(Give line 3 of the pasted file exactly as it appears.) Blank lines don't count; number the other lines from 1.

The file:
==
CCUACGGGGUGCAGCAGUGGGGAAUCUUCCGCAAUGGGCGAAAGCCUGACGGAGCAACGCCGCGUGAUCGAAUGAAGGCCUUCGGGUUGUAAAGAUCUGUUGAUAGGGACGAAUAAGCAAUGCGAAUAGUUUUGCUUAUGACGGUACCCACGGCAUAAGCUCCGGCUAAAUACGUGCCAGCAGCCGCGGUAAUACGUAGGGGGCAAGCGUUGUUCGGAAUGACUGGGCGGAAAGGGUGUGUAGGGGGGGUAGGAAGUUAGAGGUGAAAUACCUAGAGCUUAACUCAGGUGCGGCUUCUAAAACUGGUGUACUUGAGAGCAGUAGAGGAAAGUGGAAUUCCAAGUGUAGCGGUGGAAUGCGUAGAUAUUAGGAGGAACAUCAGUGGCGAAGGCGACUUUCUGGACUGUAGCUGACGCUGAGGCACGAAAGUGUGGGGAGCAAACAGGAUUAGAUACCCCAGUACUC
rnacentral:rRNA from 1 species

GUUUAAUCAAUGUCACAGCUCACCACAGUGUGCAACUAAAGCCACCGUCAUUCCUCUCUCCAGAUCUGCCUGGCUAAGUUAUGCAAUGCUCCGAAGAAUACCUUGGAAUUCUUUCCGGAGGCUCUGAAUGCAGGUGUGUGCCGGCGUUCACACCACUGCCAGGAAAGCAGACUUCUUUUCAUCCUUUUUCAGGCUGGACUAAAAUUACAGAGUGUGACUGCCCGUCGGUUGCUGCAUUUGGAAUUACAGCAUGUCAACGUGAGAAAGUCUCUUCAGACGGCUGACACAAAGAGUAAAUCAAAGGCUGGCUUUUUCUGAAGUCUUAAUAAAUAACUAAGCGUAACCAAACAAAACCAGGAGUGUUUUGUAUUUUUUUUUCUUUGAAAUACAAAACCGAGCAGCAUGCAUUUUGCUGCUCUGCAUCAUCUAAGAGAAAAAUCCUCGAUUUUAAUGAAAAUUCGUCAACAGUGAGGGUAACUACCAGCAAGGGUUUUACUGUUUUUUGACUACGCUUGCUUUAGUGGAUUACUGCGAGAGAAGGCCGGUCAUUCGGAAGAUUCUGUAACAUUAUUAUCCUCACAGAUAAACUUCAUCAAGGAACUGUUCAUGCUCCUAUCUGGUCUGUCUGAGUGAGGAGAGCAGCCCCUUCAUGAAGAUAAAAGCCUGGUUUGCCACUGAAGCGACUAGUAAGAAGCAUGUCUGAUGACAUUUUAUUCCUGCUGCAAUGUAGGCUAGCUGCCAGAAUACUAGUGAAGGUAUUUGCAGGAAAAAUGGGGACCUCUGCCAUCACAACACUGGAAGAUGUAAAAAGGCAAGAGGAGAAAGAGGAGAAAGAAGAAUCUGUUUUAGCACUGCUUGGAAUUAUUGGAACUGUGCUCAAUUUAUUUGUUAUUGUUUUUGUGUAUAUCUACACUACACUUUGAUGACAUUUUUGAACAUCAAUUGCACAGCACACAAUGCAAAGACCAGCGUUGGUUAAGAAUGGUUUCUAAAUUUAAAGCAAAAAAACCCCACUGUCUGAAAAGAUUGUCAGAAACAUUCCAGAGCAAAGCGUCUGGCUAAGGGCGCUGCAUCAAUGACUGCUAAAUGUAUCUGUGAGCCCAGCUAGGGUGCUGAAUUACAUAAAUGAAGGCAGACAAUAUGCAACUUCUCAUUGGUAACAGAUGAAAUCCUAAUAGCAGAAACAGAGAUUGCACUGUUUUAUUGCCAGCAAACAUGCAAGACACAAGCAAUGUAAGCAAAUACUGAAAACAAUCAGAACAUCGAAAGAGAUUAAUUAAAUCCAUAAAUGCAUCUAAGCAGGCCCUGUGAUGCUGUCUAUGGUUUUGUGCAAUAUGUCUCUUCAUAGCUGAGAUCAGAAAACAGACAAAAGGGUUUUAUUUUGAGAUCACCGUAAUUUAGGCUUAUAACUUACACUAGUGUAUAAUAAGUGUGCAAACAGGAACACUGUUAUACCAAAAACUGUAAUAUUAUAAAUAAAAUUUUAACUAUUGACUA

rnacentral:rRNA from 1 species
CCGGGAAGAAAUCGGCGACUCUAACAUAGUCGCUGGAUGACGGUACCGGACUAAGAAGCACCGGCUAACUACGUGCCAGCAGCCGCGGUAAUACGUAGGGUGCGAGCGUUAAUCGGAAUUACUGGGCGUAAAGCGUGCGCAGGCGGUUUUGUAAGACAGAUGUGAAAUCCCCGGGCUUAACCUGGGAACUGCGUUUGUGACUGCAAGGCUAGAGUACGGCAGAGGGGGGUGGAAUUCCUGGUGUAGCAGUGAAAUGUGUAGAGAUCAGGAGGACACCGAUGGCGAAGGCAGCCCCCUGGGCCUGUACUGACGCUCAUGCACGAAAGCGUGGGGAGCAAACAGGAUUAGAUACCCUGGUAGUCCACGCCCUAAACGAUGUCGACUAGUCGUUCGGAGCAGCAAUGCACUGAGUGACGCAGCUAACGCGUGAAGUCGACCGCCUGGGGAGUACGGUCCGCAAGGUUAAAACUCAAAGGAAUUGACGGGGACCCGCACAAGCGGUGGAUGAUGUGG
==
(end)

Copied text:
GUUUAAUCAAUGUCACAGCUCACCACAGUGUGCAACUAAAGCCACCGUCAUUCCUCUCUCCAGAUCUGCCUGGCUAAGUUAUGCAAUGCUCCGAAGAAUACCUUGGAAUUCUUUCCGGAGGCUCUGAAUGCAGGUGUGUGCCGGCGUUCACACCACUGCCAGGAAAGCAGACUUCUUUUCAUCCUUUUUCAGGCUGGACUAAAAUUACAGAGUGUGACUGCCCGUCGGUUGCUGCAUUUGGAAUUACAGCAUGUCAACGUGAGAAAGUCUCUUCAGACGGCUGACACAAAGAGUAAAUCAAAGGCUGGCUUUUUCUGAAGUCUUAAUAAAUAACUAAGCGUAACCAAACAAAACCAGGAGUGUUUUGUAUUUUUUUUUCUUUGAAAUACAAAACCGAGCAGCAUGCAUUUUGCUGCUCUGCAUCAUCUAAGAGAAAAAUCCUCGAUUUUAAUGAAAAUUCGUCAACAGUGAGGGUAACUACCAGCAAGGGUUUUACUGUUUUUUGACUACGCUUGCUUUAGUGGAUUACUGCGAGAGAAGGCCGGUCAUUCGGAAGAUUCUGUAACAUUAUUAUCCUCACAGAUAAACUUCAUCAAGGAACUGUUCAUGCUCCUAUCUGGUCUGUCUGAGUGAGGAGAGCAGCCCCUUCAUGAAGAUAAAAGCCUGGUUUGCCACUGAAGCGACUAGUAAGAAGCAUGUCUGAUGACAUUUUAUUCCUGCUGCAAUGUAGGCUAGCUGCCAGAAUACUAGUGAAGGUAUUUGCAGGAAAAAUGGGGACCUCUGCCAUCACAACACUGGAAGAUGUAAAAAGGCAAGAGGAGAAAGAGGAGAAAGAAGAAUCUGUUUUAGCACUGCUUGGAAUUAUUGGAACUGUGCUCAAUUUAUUUGUUAUUGUUUUUGUGUAUAUCUACACUACACUUUGAUGACAUUUUUGAACAUCAAUUGCACAGCACACAAUGCAAAGACCAGCGUUGGUUAAGAAUGGUUUCUAAAUUUAAAGCAAAAAAACCCCACUGUCUGAAAAGAUUGUCAGAAACAUUCCAGAGCAAAGCGUCUGGCUAAGGGCGCUGCAUCAAUGACUGCUAAAUGUAUCUGUGAGCCCAGCUAGGGUGCUGAAUUACAUAAAUGAAGGCAGACAAUAUGCAACUUCUCAUUGGUAACAGAUGAAAUCCUAAUAGCAGAAACAGAGAUUGCACUGUUUUAUUGCCAGCAAACAUGCAAGACACAAGCAAUGUAAGCAAAUACUGAAAACAAUCAGAACAUCGAAAGAGAUUAAUUAAAUCCAUAAAUGCAUCUAAGCAGGCCCUGUGAUGCUGUCUAUGGUUUUGUGCAAUAUGUCUCUUCAUAGCUGAGAUCAGAAAACAGACAAAAGGGUUUUAUUUUGAGAUCACCGUAAUUUAGGCUUAUAACUUACACUAGUGUAUAAUAAGUGUGCAAACAGGAACACUGUUAUACCAAAAACUGUAAUAUUAUAAAUAAAAUUUUAACUAUUGACUA